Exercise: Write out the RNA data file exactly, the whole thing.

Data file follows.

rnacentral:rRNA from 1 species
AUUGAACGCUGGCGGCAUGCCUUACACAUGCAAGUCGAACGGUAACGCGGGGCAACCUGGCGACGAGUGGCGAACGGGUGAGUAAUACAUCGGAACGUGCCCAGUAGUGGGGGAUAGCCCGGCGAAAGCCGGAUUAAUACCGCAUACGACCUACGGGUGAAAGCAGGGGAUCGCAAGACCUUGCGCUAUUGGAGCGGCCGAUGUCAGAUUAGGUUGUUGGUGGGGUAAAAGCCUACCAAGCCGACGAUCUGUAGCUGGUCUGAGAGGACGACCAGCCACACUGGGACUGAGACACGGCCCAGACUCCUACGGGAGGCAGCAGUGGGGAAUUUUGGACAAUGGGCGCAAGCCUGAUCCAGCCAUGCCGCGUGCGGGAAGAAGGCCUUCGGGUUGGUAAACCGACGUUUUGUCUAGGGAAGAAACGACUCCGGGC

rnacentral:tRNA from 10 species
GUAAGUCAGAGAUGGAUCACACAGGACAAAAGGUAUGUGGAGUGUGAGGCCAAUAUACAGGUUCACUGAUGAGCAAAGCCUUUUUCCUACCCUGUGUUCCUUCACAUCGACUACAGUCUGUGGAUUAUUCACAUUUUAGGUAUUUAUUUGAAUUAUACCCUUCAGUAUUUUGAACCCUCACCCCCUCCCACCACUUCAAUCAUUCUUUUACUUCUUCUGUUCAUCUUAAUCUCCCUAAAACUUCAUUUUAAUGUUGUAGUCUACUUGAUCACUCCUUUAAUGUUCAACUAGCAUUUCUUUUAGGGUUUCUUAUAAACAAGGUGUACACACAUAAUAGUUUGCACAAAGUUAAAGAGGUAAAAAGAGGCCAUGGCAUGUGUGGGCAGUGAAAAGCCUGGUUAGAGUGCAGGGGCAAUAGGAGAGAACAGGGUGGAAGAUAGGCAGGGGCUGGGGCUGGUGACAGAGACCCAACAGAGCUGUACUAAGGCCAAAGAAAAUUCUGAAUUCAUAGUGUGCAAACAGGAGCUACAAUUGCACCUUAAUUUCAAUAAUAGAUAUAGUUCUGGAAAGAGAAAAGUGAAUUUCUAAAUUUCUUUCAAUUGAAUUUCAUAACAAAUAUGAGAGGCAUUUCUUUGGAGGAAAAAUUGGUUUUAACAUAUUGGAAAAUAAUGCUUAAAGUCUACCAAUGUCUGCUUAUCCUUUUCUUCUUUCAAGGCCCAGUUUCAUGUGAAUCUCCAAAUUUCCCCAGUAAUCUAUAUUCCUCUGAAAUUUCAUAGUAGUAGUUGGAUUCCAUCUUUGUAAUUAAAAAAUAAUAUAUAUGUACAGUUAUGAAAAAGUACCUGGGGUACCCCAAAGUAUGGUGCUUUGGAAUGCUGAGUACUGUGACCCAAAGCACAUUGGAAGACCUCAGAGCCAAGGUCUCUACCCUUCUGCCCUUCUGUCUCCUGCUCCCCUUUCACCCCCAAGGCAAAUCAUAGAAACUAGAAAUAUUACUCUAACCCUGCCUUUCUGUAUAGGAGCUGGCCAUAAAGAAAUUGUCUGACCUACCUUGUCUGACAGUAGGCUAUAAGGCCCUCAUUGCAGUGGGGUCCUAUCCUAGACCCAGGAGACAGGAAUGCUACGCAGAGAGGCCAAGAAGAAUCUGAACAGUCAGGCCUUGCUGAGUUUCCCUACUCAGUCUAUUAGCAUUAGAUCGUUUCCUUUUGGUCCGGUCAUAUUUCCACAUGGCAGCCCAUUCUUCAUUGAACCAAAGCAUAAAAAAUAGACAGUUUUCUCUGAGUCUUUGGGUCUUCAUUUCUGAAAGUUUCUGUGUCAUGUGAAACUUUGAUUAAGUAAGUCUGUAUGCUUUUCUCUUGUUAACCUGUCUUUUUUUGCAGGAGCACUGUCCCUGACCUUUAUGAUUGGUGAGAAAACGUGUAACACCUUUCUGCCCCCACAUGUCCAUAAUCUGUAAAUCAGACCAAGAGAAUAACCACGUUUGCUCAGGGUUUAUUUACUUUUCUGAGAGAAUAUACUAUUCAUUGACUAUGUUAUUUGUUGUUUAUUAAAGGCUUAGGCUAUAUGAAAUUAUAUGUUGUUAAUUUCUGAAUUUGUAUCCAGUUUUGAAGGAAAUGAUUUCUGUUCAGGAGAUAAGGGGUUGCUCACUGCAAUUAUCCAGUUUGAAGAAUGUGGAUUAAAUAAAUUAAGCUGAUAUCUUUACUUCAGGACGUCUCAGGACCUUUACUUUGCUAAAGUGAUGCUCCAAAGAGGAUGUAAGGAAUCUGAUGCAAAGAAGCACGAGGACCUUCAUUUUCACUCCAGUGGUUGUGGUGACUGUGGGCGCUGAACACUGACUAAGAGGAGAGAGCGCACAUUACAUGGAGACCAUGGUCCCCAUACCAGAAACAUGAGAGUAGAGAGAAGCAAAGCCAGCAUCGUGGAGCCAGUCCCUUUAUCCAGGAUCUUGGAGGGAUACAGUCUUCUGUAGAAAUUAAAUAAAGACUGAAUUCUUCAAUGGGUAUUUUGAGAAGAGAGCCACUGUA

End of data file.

rnacentral:rRNA from 1 species
AUUGAACGCUGGCGGCAUGCCUUACACAUGCAAGUCGAACGGUAACGCGGGGCAACCUGGCGACGAGUGGCGAACGGGUGAGUAAUACAUCGGAACGUGCCCAGUAGUGGGGGAUAGCCCGGCGAAAGCCGGAUUAAUACCGCAUACGACCUACGGGUGAAAGCAGGGGAUCGCAAGACCUUGCGCUAUUGGAGCGGCCGAUGUCAGAUUAGGUUGUUGGUGGGGUAAAAGCCUACCAAGCCGACGAUCUGUAGCUGGUCUGAGAGGACGACCAGCCACACUGGGACUGAGACACGGCCCAGACUCCUACGGGAGGCAGCAGUGGGGAAUUUUGGACAAUGGGCGCAAGCCUGAUCCAGCCAUGCCGCGUGCGGGAAGAAGGCCUUCGGGUUGGUAAACCGACGUUUUGUCUAGGGAAGAAACGACUCCGGGC

rnacentral:tRNA from 10 species
GUAAGUCAGAGAUGGAUCACACAGGACAAAAGGUAUGUGGAGUGUGAGGCCAAUAUACAGGUUCACUGAUGAGCAAAGCCUUUUUCCUACCCUGUGUUCCUUCACAUCGACUACAGUCUGUGGAUUAUUCACAUUUUAGGUAUUUAUUUGAAUUAUACCCUUCAGUAUUUUGAACCCUCACCCCCUCCCACCACUUCAAUCAUUCUUUUACUUCUUCUGUUCAUCUUAAUCUCCCUAAAACUUCAUUUUAAUGUUGUAGUCUACUUGAUCACUCCUUUAAUGUUCAACUAGCAUUUCUUUUAGGGUUUCUUAUAAACAAGGUGUACACACAUAAUAGUUUGCACAAAGUUAAAGAGGUAAAAAGAGGCCAUGGCAUGUGUGGGCAGUGAAAAGCCUGGUUAGAGUGCAGGGGCAAUAGGAGAGAACAGGGUGGAAGAUAGGCAGGGGCUGGGGCUGGUGACAGAGACCCAACAGAGCUGUACUAAGGCCAAAGAAAAUUCUGAAUUCAUAGUGUGCAAACAGGAGCUACAAUUGCACCUUAAUUUCAAUAAUAGAUAUAGUUCUGGAAAGAGAAAAGUGAAUUUCUAAAUUUCUUUCAAUUGAAUUUCAUAACAAAUAUGAGAGGCAUUUCUUUGGAGGAAAAAUUGGUUUUAACAUAUUGGAAAAUAAUGCUUAAAGUCUACCAAUGUCUGCUUAUCCUUUUCUUCUUUCAAGGCCCAGUUUCAUGUGAAUCUCCAAAUUUCCCCAGUAAUCUAUAUUCCUCUGAAAUUUCAUAGUAGUAGUUGGAUUCCAUCUUUGUAAUUAAAAAAUAAUAUAUAUGUACAGUUAUGAAAAAGUACCUGGGGUACCCCAAAGUAUGGUGCUUUGGAAUGCUGAGUACUGUGACCCAAAGCACAUUGGAAGACCUCAGAGCCAAGGUCUCUACCCUUCUGCCCUUCUGUCUCCUGCUCCCCUUUCACCCCCAAGGCAAAUCAUAGAAACUAGAAAUAUUACUCUAACCCUGCCUUUCUGUAUAGGAGCUGGCCAUAAAGAAAUUGUCUGACCUACCUUGUCUGACAGUAGGCUAUAAGGCCCUCAUUGCAGUGGGGUCCUAUCCUAGACCCAGGAGACAGGAAUGCUACGCAGAGAGGCCAAGAAGAAUCUGAACAGUCAGGCCUUGCUGAGUUUCCCUACUCAGUCUAUUAGCAUUAGAUCGUUUCCUUUUGGUCCGGUCAUAUUUCCACAUGGCAGCCCAUUCUUCAUUGAACCAAAGCAUAAAAAAUAGACAGUUUUCUCUGAGUCUUUGGGUCUUCAUUUCUGAAAGUUUCUGUGUCAUGUGAAACUUUGAUUAAGUAAGUCUGUAUGCUUUUCUCUUGUUAACCUGUCUUUUUUUGCAGGAGCACUGUCCCUGACCUUUAUGAUUGGUGAGAAAACGUGUAACACCUUUCUGCCCCCACAUGUCCAUAAUCUGUAAAUCAGACCAAGAGAAUAACCACGUUUGCUCAGGGUUUAUUUACUUUUCUGAGAGAAUAUACUAUUCAUUGACUAUGUUAUUUGUUGUUUAUUAAAGGCUUAGGCUAUAUGAAAUUAUAUGUUGUUAAUUUCUGAAUUUGUAUCCAGUUUUGAAGGAAAUGAUUUCUGUUCAGGAGAUAAGGGGUUGCUCACUGCAAUUAUCCAGUUUGAAGAAUGUGGAUUAAAUAAAUUAAGCUGAUAUCUUUACUUCAGGACGUCUCAGGACCUUUACUUUGCUAAAGUGAUGCUCCAAAGAGGAUGUAAGGAAUCUGAUGCAAAGAAGCACGAGGACCUUCAUUUUCACUCCAGUGGUUGUGGUGACUGUGGGCGCUGAACACUGACUAAGAGGAGAGAGCGCACAUUACAUGGAGACCAUGGUCCCCAUACCAGAAACAUGAGAGUAGAGAGAAGCAAAGCCAGCAUCGUGGAGCCAGUCCCUUUAUCCAGGAUCUUGGAGGGAUACAGUCUUCUGUAGAAAUUAAAUAAAGACUGAAUUCUUCAAUGGGUAUUUUGAGAAGAGAGCCACUGUA